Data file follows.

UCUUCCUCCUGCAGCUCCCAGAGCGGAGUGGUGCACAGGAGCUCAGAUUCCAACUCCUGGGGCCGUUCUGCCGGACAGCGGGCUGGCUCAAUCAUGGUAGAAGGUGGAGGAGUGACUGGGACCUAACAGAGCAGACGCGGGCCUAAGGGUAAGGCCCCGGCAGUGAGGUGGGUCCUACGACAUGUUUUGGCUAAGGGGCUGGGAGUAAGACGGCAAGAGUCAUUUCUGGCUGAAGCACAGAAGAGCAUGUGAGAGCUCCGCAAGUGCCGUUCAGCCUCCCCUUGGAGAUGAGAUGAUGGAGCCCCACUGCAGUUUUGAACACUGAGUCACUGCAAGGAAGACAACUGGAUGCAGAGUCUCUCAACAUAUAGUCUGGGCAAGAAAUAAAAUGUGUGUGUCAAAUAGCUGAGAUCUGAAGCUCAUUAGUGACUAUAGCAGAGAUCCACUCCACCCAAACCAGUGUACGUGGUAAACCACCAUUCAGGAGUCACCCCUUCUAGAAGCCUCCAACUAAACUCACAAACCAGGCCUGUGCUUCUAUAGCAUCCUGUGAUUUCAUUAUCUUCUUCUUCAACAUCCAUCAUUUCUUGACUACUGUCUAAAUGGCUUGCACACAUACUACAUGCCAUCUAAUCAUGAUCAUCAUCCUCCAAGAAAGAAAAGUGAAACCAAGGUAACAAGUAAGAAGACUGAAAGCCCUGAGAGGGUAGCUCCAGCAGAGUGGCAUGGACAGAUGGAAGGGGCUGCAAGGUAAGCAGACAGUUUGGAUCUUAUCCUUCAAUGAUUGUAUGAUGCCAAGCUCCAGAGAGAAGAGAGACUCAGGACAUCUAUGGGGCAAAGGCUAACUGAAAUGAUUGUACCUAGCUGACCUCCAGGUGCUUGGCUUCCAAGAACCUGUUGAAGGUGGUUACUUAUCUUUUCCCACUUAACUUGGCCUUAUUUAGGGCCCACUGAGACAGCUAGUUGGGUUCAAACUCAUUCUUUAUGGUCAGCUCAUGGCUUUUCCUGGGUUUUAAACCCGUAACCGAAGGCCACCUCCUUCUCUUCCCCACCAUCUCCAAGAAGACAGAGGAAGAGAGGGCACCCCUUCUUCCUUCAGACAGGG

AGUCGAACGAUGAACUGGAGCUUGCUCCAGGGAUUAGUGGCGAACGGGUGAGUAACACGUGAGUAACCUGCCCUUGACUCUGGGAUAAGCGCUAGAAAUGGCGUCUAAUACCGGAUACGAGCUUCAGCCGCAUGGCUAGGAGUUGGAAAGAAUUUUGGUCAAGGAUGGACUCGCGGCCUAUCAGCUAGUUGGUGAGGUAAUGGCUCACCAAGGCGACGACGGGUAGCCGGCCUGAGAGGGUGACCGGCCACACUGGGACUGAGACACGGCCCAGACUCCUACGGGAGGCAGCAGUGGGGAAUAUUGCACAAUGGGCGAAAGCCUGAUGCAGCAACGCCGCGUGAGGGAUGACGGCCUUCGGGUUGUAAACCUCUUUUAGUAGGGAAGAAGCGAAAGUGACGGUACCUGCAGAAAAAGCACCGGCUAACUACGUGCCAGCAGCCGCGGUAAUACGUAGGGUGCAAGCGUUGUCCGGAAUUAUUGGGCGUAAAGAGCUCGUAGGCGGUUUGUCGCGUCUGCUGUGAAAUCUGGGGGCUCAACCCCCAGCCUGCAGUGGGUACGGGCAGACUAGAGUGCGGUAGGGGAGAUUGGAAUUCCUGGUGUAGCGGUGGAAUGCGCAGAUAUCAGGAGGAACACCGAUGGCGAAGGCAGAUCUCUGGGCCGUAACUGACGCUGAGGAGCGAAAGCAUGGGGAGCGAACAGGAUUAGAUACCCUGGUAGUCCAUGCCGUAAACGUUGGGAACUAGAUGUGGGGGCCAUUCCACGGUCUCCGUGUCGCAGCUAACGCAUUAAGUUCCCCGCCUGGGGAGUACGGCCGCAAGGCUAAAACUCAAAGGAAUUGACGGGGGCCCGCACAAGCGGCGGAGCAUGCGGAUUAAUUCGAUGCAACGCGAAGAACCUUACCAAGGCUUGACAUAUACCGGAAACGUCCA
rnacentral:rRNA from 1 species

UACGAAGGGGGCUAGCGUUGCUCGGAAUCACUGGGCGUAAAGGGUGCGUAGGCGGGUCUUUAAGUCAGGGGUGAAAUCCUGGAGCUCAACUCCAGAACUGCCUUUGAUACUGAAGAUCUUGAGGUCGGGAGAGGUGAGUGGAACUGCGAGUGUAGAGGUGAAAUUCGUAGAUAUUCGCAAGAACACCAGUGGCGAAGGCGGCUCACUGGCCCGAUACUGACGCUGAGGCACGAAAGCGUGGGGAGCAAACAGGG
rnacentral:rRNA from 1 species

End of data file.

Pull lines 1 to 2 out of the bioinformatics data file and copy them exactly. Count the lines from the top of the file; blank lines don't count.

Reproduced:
UCUUCCUCCUGCAGCUCCCAGAGCGGAGUGGUGCACAGGAGCUCAGAUUCCAACUCCUGGGGCCGUUCUGCCGGACAGCGGGCUGGCUCAAUCAUGGUAGAAGGUGGAGGAGUGACUGGGACCUAACAGAGCAGACGCGGGCCUAAGGGUAAGGCCCCGGCAGUGAGGUGGGUCCUACGACAUGUUUUGGCUAAGGGGCUGGGAGUAAGACGGCAAGAGUCAUUUCUGGCUGAAGCACAGAAGAGCAUGUGAGAGCUCCGCAAGUGCCGUUCAGCCUCCCCUUGGAGAUGAGAUGAUGGAGCCCCACUGCAGUUUUGAACACUGAGUCACUGCAAGGAAGACAACUGGAUGCAGAGUCUCUCAACAUAUAGUCUGGGCAAGAAAUAAAAUGUGUGUGUCAAAUAGCUGAGAUCUGAAGCUCAUUAGUGACUAUAGCAGAGAUCCACUCCACCCAAACCAGUGUACGUGGUAAACCACCAUUCAGGAGUCACCCCUUCUAGAAGCCUCCAACUAAACUCACAAACCAGGCCUGUGCUUCUAUAGCAUCCUGUGAUUUCAUUAUCUUCUUCUUCAACAUCCAUCAUUUCUUGACUACUGUCUAAAUGGCUUGCACACAUACUACAUGCCAUCUAAUCAUGAUCAUCAUCCUCCAAGAAAGAAAAGUGAAACCAAGGUAACAAGUAAGAAGACUGAAAGCCCUGAGAGGGUAGCUCCAGCAGAGUGGCAUGGACAGAUGGAAGGGGCUGCAAGGUAAGCAGACAGUUUGGAUCUUAUCCUUCAAUGAUUGUAUGAUGCCAAGCUCCAGAGAGAAGAGAGACUCAGGACAUCUAUGGGGCAAAGGCUAACUGAAAUGAUUGUACCUAGCUGACCUCCAGGUGCUUGGCUUCCAAGAACCUGUUGAAGGUGGUUACUUAUCUUUUCCCACUUAACUUGGCCUUAUUUAGGGCCCACUGAGACAGCUAGUUGGGUUCAAACUCAUUCUUUAUGGUCAGCUCAUGGCUUUUCCUGGGUUUUAAACCCGUAACCGAAGGCCACCUCCUUCUCUUCCCCACCAUCUCCAAGAAGACAGAGGAAGAGAGGGCACCCCUUCUUCCUUCAGACAGGG

AGUCGAACGAUGAACUGGAGCUUGCUCCAGGGAUUAGUGGCGAACGGGUGAGUAACACGUGAGUAACCUGCCCUUGACUCUGGGAUAAGCGCUAGAAAUGGCGUCUAAUACCGGAUACGAGCUUCAGCCGCAUGGCUAGGAGUUGGAAAGAAUUUUGGUCAAGGAUGGACUCGCGGCCUAUCAGCUAGUUGGUGAGGUAAUGGCUCACCAAGGCGACGACGGGUAGCCGGCCUGAGAGGGUGACCGGCCACACUGGGACUGAGACACGGCCCAGACUCCUACGGGAGGCAGCAGUGGGGAAUAUUGCACAAUGGGCGAAAGCCUGAUGCAGCAACGCCGCGUGAGGGAUGACGGCCUUCGGGUUGUAAACCUCUUUUAGUAGGGAAGAAGCGAAAGUGACGGUACCUGCAGAAAAAGCACCGGCUAACUACGUGCCAGCAGCCGCGGUAAUACGUAGGGUGCAAGCGUUGUCCGGAAUUAUUGGGCGUAAAGAGCUCGUAGGCGGUUUGUCGCGUCUGCUGUGAAAUCUGGGGGCUCAACCCCCAGCCUGCAGUGGGUACGGGCAGACUAGAGUGCGGUAGGGGAGAUUGGAAUUCCUGGUGUAGCGGUGGAAUGCGCAGAUAUCAGGAGGAACACCGAUGGCGAAGGCAGAUCUCUGGGCCGUAACUGACGCUGAGGAGCGAAAGCAUGGGGAGCGAACAGGAUUAGAUACCCUGGUAGUCCAUGCCGUAAACGUUGGGAACUAGAUGUGGGGGCCAUUCCACGGUCUCCGUGUCGCAGCUAACGCAUUAAGUUCCCCGCCUGGGGAGUACGGCCGCAAGGCUAAAACUCAAAGGAAUUGACGGGGGCCCGCACAAGCGGCGGAGCAUGCGGAUUAAUUCGAUGCAACGCGAAGAACCUUACCAAGGCUUGACAUAUACCGGAAACGUCCA